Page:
Yes, that is right, the US is risking liver and kidney damage of perhaps tens of millions of Americans in order to avoid less than $2 billion in higher food prices. Hmmm, what’s the annual cost of liver and kidney treatment? Have to look that one up. Oh, and just for good measure, since obviously there is no reason to be worried, the site happens to reassure us that there is no reason to be worried:

The study also reviewed the 2,4-D epidemiology and toxicology data packages and concluded (page 2) that after several decades of extensive use, “The phenoxy herbicides are low in toxicity to humans and animals (1,9). No scientifically documented health risks, either acute or chronic, exist from the approved uses of the phenoxy herbicides.”?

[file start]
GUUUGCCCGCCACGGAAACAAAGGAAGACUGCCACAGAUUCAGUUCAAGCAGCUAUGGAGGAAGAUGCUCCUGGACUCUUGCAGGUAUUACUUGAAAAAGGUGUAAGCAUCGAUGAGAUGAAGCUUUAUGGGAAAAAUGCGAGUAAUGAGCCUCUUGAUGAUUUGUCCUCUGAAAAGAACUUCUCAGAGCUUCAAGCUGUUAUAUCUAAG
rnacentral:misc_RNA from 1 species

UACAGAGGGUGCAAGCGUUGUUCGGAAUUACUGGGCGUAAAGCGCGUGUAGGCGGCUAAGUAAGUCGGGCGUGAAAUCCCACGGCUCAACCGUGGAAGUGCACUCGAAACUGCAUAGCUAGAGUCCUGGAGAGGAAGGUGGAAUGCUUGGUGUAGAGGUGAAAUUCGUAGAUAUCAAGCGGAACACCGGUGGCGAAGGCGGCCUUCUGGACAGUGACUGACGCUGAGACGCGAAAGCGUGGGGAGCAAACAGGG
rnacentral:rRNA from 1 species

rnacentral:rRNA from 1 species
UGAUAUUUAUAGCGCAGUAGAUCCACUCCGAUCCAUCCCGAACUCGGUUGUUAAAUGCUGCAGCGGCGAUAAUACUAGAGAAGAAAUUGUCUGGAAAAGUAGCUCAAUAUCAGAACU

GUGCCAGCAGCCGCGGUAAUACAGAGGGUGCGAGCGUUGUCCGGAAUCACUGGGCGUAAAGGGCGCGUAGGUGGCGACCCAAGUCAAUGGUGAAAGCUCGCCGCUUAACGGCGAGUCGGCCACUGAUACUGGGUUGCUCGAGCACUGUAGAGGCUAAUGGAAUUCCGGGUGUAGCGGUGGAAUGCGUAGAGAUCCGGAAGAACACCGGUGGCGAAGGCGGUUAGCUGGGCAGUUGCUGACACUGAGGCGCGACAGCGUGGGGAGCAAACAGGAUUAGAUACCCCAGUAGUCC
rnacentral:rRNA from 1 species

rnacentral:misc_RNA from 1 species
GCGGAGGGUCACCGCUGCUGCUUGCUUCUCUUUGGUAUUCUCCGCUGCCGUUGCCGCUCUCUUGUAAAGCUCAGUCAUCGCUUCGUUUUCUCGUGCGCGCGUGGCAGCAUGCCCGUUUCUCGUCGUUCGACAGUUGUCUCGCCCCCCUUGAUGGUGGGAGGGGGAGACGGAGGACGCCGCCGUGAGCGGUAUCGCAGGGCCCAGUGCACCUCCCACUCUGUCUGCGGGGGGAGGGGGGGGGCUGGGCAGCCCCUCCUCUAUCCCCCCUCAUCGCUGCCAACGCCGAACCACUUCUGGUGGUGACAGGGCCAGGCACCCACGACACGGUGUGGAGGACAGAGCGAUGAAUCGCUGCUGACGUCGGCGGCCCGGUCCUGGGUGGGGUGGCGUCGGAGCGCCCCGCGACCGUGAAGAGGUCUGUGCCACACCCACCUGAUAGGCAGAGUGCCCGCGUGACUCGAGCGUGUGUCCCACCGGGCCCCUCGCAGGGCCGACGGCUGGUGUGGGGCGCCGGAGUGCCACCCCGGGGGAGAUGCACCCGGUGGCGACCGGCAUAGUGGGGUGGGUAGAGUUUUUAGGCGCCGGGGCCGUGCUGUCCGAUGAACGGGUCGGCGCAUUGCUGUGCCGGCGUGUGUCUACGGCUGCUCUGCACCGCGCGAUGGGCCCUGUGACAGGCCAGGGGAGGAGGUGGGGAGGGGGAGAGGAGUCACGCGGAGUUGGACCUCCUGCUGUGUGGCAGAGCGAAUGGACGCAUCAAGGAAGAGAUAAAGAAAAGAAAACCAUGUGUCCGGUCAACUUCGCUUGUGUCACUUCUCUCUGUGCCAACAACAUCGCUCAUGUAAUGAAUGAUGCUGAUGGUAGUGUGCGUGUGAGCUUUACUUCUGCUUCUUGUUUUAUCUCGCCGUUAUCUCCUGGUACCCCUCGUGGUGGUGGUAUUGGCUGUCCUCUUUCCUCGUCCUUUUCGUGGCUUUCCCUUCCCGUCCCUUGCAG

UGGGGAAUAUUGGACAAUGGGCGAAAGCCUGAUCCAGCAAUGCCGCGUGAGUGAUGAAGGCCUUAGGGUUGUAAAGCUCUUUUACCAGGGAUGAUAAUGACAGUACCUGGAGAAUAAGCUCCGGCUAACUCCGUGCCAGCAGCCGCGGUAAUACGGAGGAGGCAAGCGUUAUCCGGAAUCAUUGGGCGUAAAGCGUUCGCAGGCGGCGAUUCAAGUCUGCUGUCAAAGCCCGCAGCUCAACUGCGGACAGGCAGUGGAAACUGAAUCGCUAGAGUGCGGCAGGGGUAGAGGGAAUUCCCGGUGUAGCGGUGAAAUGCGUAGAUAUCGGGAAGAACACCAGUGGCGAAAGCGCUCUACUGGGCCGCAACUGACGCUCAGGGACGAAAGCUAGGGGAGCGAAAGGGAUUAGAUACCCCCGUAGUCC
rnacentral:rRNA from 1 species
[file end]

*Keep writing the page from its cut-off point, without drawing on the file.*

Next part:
Oh, um, could someone perhaps clarify what “the approved uses” are? Sneaky, eh? Are you worried now? I see this all the time in information security. People say they were approved to do one thing with their code, and then suddenly you find the stuff all over the place. Even if it is only allowed for a very specific need, bug-riddled code can sometimes spread like wild-fire.

The obvious question, thus, is what percentage of use today of 2,4-D would be included by in the approved category. Does it include things that end up in drinking water? The next question is what is done to detect unapproved use and prevent harm to people? The comparison with infosec gets even closer when the appears to say “business is good, we can make it sound like bad things are really good, so please don’t force us to innovate”. Here’s a classic quote from the same page: